to us a CD as collateral for the loan because you can really get yourself
in a bind especially when the CD matures. You may not be in a position to
pay off the loan at that time. Then what? This may mean the CD will be
prematurely cashed in, which in turn will incur severe financial
penalties.
As I stated before, try to use your passbook savings account as security
unless your loan is large. Also with a passbook savings account, most
banks do not really monitor the length of the loan, whereas the CD's are
monitored. All the bank is concerned about is that they get their 2%
interest on the loan. Really they do not care if you even pay the loan
off..why? Because they have your savings account as collateral! Remember
you MUST pay the 2% interest on the loan or they will foreclose on the
passbook savings account. Remember as I said before, you pay off the
loan, you will find that you still have the $1000.00 plus interest in the
bank! Using your savings account as collateral also means that you cannot
withdraw the money from your saving account below the amount of the
security for the loan. For example, if your loan is secured by $1000.00
in savings and you wish to withdraw the money from your account, assuming
you have been depositing regularly as we discussed earlier, a $1000.00
must remain in your account. Also be aware that most banks like to loan
at 90% or a 110% security on the loan. In other words, you may borrow 90%
of the savings account balance or you must put in 10% more to make the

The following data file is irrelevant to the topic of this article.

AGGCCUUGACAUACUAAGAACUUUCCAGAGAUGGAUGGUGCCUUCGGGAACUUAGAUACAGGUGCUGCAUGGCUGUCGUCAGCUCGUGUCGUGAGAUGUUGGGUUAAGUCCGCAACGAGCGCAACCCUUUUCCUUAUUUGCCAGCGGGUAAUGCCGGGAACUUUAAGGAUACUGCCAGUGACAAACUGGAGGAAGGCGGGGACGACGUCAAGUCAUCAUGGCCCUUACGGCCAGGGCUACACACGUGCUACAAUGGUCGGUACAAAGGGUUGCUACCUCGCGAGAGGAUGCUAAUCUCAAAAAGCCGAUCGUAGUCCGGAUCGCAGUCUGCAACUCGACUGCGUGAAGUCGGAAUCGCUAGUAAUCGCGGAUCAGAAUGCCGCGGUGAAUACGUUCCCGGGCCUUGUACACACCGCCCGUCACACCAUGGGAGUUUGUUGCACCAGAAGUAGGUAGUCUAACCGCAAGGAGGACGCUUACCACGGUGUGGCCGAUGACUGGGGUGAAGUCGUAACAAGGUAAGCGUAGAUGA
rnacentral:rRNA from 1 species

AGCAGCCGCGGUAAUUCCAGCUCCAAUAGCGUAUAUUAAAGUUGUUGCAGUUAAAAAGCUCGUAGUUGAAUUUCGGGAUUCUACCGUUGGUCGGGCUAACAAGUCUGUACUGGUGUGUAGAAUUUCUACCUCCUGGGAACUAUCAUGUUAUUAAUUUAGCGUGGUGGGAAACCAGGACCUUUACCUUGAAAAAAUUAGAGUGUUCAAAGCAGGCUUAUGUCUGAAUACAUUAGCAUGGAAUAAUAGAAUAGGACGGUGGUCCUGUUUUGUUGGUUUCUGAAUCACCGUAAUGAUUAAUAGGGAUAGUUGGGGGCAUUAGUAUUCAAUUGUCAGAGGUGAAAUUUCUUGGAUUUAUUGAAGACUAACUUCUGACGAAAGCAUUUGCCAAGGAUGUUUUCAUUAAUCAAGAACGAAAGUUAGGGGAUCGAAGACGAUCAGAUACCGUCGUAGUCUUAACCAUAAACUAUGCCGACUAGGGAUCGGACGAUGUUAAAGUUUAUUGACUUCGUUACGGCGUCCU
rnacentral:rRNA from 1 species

loan happen.
Let me explain this. Lets use your $1000.00. If you went into a bank and
proposed this type of loan, the loan officer will say that they can only
give you $900.00. Or the loan officer will say you will need to deposit
$100.00 more to the account. The reason for this is that the bank
requires more money to be held in security than you borrow. The banks are
so paranoid about this stuff they think that by adding 10% security they
will prevent you from walking away from the loan. Let me tell you
something. If you are going to walk, you are going to walk from the loan
and nobody is going to stop you.
If you are trying to develop a good loan record, take out a secured loan
or share loan even if you do not really need this money. This will cost
you a few dollars in interest, but do not consider this a waste of money,
consider this as an investment in developing a good bank loan history. It
is worth the cost. If you have borrowed money and you do not need it, put
the money into another bank and let it grow at interest. Use this account
to make your loan payments all the while you are earning interest on the
2 passbooks. When you are close to paying off the loan, say within 3 or 4
months, pay the loan off in full. You have now established a loan credit
history showing you that you make your payments on time and even paid the
loan off before it was due. This gives you an excellent credit reference.
After some time, make another secured loan, maybe borrow a little more
this time. Eventually you will be able to borrow more than the collateral
of your savings account.
Joseph M. Sabol, a graduate of the Pennsylvania State University School
of Business with two degrees in business sheds a different light on
money, credit and banking. He has written 2 E-books. For further
information, go to http://www.creditmoneyandyou.com or
http://www.makeyourmoneywork.net


				
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posted:10/12/2010